Sequential changes of myocardial function during acute myocardial infarction, in the early and chronic phase after coronary intervention described by ultrasonic strain rate imaging
Weidemann, Frank × Wacker, Christian Rauch, Alexandra Bauer, Wolfgang R Bijnens, Bart Sutherland, G Ertl, Georg Voelker, Wolfram Fidler, Florian Strotmann, Jörg M #
Journal of the American Society of Echocardiography vol:19 issue:7 pages:839-47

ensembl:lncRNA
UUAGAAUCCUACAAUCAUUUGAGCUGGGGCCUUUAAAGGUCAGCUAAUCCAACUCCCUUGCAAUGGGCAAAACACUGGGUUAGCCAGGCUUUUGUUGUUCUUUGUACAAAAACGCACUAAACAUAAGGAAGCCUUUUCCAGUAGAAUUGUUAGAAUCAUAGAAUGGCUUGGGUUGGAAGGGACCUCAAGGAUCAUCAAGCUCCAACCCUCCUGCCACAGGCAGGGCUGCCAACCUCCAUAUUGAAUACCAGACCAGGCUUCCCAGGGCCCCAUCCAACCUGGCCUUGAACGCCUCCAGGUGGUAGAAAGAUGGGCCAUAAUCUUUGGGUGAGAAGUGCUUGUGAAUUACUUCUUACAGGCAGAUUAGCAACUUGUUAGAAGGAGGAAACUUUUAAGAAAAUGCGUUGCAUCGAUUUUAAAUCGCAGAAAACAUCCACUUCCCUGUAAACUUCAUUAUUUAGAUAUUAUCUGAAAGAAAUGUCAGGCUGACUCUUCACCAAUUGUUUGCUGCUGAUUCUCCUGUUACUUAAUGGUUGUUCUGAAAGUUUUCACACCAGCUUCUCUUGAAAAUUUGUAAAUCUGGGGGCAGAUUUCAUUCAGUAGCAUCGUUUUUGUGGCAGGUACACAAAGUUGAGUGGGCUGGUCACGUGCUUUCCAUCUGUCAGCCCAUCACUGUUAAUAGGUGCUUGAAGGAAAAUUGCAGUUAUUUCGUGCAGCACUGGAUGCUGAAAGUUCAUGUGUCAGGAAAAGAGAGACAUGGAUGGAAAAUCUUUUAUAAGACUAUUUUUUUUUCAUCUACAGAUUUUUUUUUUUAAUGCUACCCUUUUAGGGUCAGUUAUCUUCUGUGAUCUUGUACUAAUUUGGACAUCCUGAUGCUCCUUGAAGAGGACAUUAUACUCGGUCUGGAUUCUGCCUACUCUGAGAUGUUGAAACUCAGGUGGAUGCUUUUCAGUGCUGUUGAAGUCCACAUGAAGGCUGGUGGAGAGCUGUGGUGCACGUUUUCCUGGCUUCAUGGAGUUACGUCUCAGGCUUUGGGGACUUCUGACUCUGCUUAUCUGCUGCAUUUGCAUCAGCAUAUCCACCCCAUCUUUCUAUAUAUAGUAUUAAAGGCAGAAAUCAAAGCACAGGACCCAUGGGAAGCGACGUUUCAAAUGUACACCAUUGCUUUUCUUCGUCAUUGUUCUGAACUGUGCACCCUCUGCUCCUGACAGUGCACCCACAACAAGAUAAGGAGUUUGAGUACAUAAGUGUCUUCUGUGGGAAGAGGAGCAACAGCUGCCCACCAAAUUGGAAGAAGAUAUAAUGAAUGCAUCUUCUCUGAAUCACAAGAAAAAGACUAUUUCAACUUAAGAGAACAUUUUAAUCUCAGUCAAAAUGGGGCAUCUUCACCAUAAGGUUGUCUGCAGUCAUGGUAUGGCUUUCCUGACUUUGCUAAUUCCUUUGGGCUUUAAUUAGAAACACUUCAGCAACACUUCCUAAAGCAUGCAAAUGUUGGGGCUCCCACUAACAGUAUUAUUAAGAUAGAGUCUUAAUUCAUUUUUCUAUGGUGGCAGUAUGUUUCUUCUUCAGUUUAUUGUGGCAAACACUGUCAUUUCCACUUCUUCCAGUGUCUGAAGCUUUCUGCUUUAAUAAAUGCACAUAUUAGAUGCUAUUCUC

OBJECTIVE: The aim of this prospective clinical study was to follow up patients with acute myocardial infarction from the ischemic event, over the primary coronary intervention (PCI), up to the chronic phase after survived myocardial infarction by noninvasive strain rate (SR) imaging and to determine its role in the assessment of transmurality of infarction. METHODS: In all, 41 patients with acute S-T elevation infarction were examined immediately before, 3 days after, and 5 months after PCI. Regional myocardial function was assessed by the use of ultrasonic SR imaging and peak systolic SR and systolic strain were extracted. In addition, late-enhancement (LE) imaging with magnetic resonance imaging was done after 5 months to assess the transmurality of residual scar distribution. RESULTS: Magnetic resonance imaging showed that 8 patients had no LE (complete recovery = no-scar group), 16 patients had subendocardial LE (nontransmural infarction = NT group), and 17 patients had a transmural LE (transmural infarction = T group) in the region of interest. Before PCI both SR and strain were markedly reduced in the ischemic segments compared with the nonischemic remote region in all 3 groups (SR: ischemia = -0.6 +/- 0.3 s(-1); remote = -1.3 +/- 0.4 s(-1), P < .001). Three days after PCI, systolic SR only increased significantly in the regions that were not transmurally infarcted. After 5 months the measurement of systolic strain could accurately distinguish the different groups. (no-scar group = -24 +/- 5%, NT group = -13 +/- 4%, T group = -1 +/- 3%). CONCLUSIONS: This clinical study shows that with SR imaging: (1) the ischemic segment can be precisely detected; (2) the absence of transmurality early after coronary intervention can be predicted; and (3) in the chronic phase the transmurality of scar distribution can be assessed.